To further assess the assumption that GIPC1 plays a significant role in the development and progression of human cancers, 411 probesets with a fold-change ≥2 in SAM analysis of GIPC1 depleted MDA-MB231 cells compared to control cells (GIPC1 signature; Table S1) were used to interrogate two publicly available and clinically annotated breast and ovarian cancer datasets with the Bioconductor package, globaltest [27]. A large merged breast cancer DNA microarray dataset with 689 pretreatment samples [28], [29], [30] and an ovarian cancer dataset with 274 treated patients [31] were used for the analysis. In the Global Test multivariate analysis of the 689 breast cancer patients, the GIPC1 KD signature is associated with tumor grade (P<0.01), lymph node status (P<0.0001), and ER status (P<0.05). The GIPC1 signature is also strongly associated patient survival within the ERBB2+/ER+ (n = 42, P<0.001), luminal B (n = 146, P<0.05) and basal (n = 92, P<0.01) molecular breast cancer subtypes (Table 3). Analysis of the ovarian cancer dataset indicates that the GIPC1 signature is significantly associated with all clinical variables assessed; including patient survival and tumor stage, grade, and type (Table 3). These data support recent reports suggesting that GIPC1 plays a role in human breast and ovarian cancer etiology and progression [13], [14].

Table 3
Clinical relevance of the set of top 411 differentially expressed GIPC1 KD probesets (absolute fold change > 2) to human breast and ovarian cancers.


Little is known about the role of GIPC1 in tumor growth and progression. Evidence indicates it is highly expressed in a number of human malignancies, including breast, ovarian, gastric, and pancreatic cancers [13], [14]. Moreover, a recent report shows GIPC1 is required for in vivo pancreatic tumor growth in immunodeficient mice [19]. In this study, we used both computational and experimental approaches to examine GIPC1 in human breast and colorectal cancer cells, and in patients with breast and ovarian cancer. We found that GIPC1 is required for breast and colorectal cancer cell survival, and it plays an essential role in oncogenic transformation of human mammary epithelial cells.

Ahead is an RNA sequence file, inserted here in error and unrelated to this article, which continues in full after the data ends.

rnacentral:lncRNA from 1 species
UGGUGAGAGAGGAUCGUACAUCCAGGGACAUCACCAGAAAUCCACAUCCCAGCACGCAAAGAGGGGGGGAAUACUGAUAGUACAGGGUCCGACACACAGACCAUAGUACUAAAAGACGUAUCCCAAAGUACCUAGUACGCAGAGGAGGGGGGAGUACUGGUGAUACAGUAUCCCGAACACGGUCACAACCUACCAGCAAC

Our data also show GIPC1 plays an important role in cell cycle regulation. EASE analysis of GIPC1 knockdown in MDA-MB231 cells shows enrichment of differentially expressed genes with annotated functions in G1/S and G2/M transitions, cell cycle arrest, cell proliferation, and apoptosis. nEASE seeks biological explanations for these main effects and implicates potential abnormalities in cell adhesion, integrin-mediated signaling, and regulation of the actin cytoskeleton. Additionally, nEASE found an enrichment of genes involved in cytokinesis. This finding is in agreement with a recent report indicating that activation of syndecan-4 (SDC4), a transmembrane heparan sulfate proteoglycan that interacts with GIPC1 and the FGFR1 receptor to regulate FGF2 signaling, is required for cytokinesis of MCF-7 human breast cancer cells [32]. Keller-Pinter et al. showed that serine179-phosphorylation and ectodomain shedding of SDC4 is maximal at G2/M. Expression of engineered mutants mimicking serine 179-phosphorylation (Ser179Glu) or phosphorylation-resistant SDC4 caused incomplete abscission and giant, multinucleated cells [32]. In addition, SDC4 regulates actin polymerization, focal adhesion formation, and cell motility through PI3K signaling.

nEASE analysis also suggests that GIPC1 is involved in six major signal transduction networks in breast cancer: integrin-mediated, RHO protein, JAK-STAT, EGF, TGFβ and WNT. These findings support previous reports indicating that GIPC1 interacts with the Frizzled-3 receptor [9], the TGF-beta type III receptor [11], and endoglin [12]. Despite the fact that our analysis did not suggest an enrichment of genes within the PI3K signal transduction network, we find that GIPC1 suppression decreases expression of a number of key genes involved in the pathway, including SDC2, PIK3CB, PIK3D, PDK1, AKT3, CDC42BPA, CDC42EP3, RACGAP1, and RAC1. Conversely, GIPC1 silencing promotes significant elevations in gene expression for PTEN, p27Kip1, RHOBTB1, RHOB, and PAK2. While aberrant activation of PI3K signaling is involved in the induction of oncogenic transformation, these genes work in concert to integrate mechanisms that control a number of cellular processes, including cytoskeleton regulation, cell motility and adhesion, cell proliferation, and apoptosis [26], [33].